Historic Hamburg

Reading Time: 4 minutes

From the Beatles to the harbour, resounding nightlife and architectural wonders, the city has many exciting avatars
Hamburg is like a pilgrimage site to many rock music fans, because it was from here that a bunch of young singers from Liverpool in England shot into fame in the sixties, creating an unforgettable name for themselves in the music-world as the ‘Beatles’.
According to records, in August 1960, a completely unknown band comprising of John Lennon, Paul McCartney, George Harrison, Pete Best and Stuart Sutcliffe arrived at this second largest city of Germany to play at the Indra Club in the Reeperbahn district, famous for its pulsating nightlife. Being good, it didn’t take them much time to impress the local audience with their rock ‘n’ roll gigs. Soon they began performing at other clubs in the area, and their rising popularity gave them their first recording break. The rest, as we all know, is glory-filled history.
Hamburg acquired a special place in the heart of Beatles and naturally amongst their worldwide fans. “We were born in Liverpool, but grew up in Hamburg,” John Lennon once remarked with emotion. Later they went back to Hamburg for concerts which were sold out as soon as the ads came out. Many who didn’t ever go to Reeperbahn clubs for a beer or two, were happy to pay any price for a ticket to their recitals.
The relationship between Hamburg and Beatles over the years has grown to become a major attraction of the city, even if you are not that high on rocky rhymes. Commemorating their stint at Reeperbahn, a Beatles Memorial featuring stainless steel sculptures draws huge crowds, some of whom, driven by nostalgia, start singing their favourite Beatle’s songs. Local tour companies offer Beatles Tours that take you to the nightclubs where they performed, show you the places where they lived and tell you many stories of their hard life in the city. Till recently there was also Beatles Museum in the area housing numerous star memorabilia, unfortunately its doors closed due to lack of interest.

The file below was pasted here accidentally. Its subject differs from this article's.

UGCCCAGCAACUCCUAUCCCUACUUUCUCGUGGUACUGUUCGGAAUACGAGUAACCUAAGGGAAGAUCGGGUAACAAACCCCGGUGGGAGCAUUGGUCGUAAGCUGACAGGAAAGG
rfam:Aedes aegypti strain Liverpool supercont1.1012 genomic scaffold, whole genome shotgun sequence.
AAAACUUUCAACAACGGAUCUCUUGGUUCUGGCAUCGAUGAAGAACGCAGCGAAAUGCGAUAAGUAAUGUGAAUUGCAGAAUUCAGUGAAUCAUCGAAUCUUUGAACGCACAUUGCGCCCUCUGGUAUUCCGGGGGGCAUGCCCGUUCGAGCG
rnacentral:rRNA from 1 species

Most visitors add the Beatles odyssey to their itinerary during their visit to Reeperbahn; a visit to Hamburg isn’t complete without browsing this domain. It’s the city’s most famous and exciting thoroughfare that comes to life only after sundown when Hamburgers, joined by thousands of visitors, storm into this quarter to party. You will find here many great bars, restaurants, theatres, and nightclubs, the eclectic mix of which makes the quarter interesting. Even just walking along the main street and sideways is fun-filled. The neon-lit signs of the establishments, the loud music from the bars, the aroma of grilling sausages from wayside stalls and the cheering and jeering of the crowd creates a magical atmosphere. But be aware that there is one particular street in the area where women visitors are not welcome. If someone goes there by mistake, she is likely to be rewarded with a bucket of water!
Hamburg’s dynamism and vibrant character stem from its long-standing maritime history. Arriving here, the first thing that catches the eye is water everywhere – the Elbe River, the Alster lakes and canals criss-crossing the cityscape make water the city’s lifeline.